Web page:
You may know Orrin Hatch as that persnickety, Republican senator from Utah. Oh but this chairperson of the Senate Judiciary Committee is much, much more. He’s the crooner behind albums including Heal Our Land, Freedom’s Light, and Put Your Arms Around the World. And he’s very concerned about people bootlegging music online. How concerned? Next week, he’ll introduce the Inducing of Copyright Infringement Act of 2004, a draconian bill that could essentially criminalize peer-to-peer networks; if the bill is passed, any company behind a file-sharing network or an electronic device that “aids, abets, induces (or) counsels” copyright violation would be liable.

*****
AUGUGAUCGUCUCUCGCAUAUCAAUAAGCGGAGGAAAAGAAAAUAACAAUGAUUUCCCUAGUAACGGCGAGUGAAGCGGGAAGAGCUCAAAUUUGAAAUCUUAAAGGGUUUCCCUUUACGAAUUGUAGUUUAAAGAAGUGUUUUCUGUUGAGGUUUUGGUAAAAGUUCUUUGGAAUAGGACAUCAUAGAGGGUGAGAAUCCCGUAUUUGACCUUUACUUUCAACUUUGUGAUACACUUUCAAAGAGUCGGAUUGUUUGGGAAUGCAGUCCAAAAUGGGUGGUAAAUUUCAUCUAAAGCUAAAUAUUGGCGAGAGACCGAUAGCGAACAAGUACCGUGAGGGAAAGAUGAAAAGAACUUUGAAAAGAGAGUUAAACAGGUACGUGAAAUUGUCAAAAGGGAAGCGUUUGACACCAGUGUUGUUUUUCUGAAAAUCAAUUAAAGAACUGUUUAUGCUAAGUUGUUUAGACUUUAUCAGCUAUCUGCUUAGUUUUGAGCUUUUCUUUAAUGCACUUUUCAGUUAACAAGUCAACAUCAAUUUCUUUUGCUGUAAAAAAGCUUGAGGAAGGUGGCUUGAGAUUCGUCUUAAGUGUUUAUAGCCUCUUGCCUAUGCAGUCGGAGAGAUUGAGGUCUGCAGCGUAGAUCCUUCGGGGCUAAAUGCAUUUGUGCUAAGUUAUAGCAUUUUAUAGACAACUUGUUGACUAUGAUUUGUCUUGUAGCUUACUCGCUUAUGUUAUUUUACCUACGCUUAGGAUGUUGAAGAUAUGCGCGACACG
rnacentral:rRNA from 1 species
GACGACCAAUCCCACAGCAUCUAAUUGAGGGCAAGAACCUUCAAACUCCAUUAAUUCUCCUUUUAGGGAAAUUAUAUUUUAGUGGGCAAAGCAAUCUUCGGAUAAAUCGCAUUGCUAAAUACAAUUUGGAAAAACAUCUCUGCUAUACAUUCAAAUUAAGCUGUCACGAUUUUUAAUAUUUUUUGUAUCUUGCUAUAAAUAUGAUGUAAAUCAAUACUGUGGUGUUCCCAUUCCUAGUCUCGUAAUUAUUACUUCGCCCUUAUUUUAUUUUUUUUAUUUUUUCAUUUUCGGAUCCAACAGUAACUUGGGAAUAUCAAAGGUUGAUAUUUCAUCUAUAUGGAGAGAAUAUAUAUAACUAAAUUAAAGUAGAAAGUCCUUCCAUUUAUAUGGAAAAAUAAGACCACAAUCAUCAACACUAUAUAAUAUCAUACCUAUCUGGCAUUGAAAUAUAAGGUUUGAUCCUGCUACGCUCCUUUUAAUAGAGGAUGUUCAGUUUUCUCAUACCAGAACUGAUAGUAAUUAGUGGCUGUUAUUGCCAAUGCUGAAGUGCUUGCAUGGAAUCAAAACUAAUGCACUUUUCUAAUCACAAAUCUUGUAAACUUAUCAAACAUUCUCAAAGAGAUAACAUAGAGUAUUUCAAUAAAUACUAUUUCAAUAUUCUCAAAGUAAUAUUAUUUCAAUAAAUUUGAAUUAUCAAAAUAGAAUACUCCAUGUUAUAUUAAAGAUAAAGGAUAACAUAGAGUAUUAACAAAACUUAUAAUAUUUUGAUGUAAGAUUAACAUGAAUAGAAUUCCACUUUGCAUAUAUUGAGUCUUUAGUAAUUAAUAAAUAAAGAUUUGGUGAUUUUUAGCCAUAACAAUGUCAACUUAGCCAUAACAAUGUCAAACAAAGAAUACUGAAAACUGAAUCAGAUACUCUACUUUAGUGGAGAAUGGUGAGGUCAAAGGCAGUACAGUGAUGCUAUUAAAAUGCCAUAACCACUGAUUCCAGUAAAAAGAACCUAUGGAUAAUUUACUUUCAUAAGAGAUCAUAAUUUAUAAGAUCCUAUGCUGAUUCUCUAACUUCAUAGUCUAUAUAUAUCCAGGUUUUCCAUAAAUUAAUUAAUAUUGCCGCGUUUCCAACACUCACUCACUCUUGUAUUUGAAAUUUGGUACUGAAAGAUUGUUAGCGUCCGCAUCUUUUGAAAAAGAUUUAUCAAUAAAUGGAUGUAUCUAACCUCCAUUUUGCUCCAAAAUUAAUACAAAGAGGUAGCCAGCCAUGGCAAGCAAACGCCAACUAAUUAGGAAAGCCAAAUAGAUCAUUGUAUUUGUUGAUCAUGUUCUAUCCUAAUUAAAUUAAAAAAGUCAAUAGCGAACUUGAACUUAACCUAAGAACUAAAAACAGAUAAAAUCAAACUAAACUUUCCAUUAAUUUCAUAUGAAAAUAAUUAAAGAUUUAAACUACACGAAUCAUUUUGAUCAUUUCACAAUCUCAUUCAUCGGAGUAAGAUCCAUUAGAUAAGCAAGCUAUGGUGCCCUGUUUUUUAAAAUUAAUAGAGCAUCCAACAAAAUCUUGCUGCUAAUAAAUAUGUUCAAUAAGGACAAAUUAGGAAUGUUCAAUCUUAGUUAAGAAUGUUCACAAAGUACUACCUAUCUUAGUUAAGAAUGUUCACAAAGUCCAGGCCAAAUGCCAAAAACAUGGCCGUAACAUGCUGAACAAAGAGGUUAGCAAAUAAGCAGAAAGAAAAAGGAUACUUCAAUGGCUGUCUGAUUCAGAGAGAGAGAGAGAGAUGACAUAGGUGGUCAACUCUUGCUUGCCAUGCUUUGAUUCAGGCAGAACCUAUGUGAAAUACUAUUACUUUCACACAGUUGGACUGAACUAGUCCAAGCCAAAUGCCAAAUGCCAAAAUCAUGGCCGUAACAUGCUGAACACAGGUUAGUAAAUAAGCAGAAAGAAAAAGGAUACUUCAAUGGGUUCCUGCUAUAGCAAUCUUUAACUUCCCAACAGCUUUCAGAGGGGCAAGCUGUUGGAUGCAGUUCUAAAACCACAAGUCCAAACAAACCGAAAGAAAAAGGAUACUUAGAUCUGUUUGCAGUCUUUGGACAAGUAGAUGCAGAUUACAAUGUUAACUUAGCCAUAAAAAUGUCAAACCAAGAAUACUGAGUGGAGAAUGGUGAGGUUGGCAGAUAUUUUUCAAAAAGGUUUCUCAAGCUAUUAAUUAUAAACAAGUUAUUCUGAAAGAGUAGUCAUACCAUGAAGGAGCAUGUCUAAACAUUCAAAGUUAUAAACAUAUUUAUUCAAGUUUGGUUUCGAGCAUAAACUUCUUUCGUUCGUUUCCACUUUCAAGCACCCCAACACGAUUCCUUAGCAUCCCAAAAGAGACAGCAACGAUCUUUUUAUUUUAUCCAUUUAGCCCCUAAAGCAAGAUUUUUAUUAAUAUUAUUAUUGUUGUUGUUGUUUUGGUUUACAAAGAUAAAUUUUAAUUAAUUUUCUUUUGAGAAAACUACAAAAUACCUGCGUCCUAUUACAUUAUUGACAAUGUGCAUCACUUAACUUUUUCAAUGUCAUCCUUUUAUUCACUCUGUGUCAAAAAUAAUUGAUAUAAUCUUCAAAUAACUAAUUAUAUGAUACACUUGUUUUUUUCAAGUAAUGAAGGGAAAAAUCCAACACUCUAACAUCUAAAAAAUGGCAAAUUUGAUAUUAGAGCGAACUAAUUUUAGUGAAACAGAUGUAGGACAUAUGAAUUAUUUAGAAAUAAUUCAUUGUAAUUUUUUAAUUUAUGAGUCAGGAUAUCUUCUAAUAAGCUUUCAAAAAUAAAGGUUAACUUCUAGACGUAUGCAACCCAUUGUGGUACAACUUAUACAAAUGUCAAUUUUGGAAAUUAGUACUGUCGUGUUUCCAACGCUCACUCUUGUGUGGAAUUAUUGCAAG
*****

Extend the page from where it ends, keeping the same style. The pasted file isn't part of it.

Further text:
The networks are like fairy tale villains, he said: “”In the film ‘Chitty Chitty Bang Bang,’ the leering ‘Child Catcher’ lured children into danger with false promises of ‘free lollipops.’ Tragically, some corporations now seem to think that they can legally profit by inducing children to steal; that they can legally lure children and others with false promises of ‘free music.’”
Orrin’s new bill is tame compared to one of his previous suggestions. Last June, he proposed developing technology that could be used to remotely destroy the computer of someone who illegally downloads more than three songs online.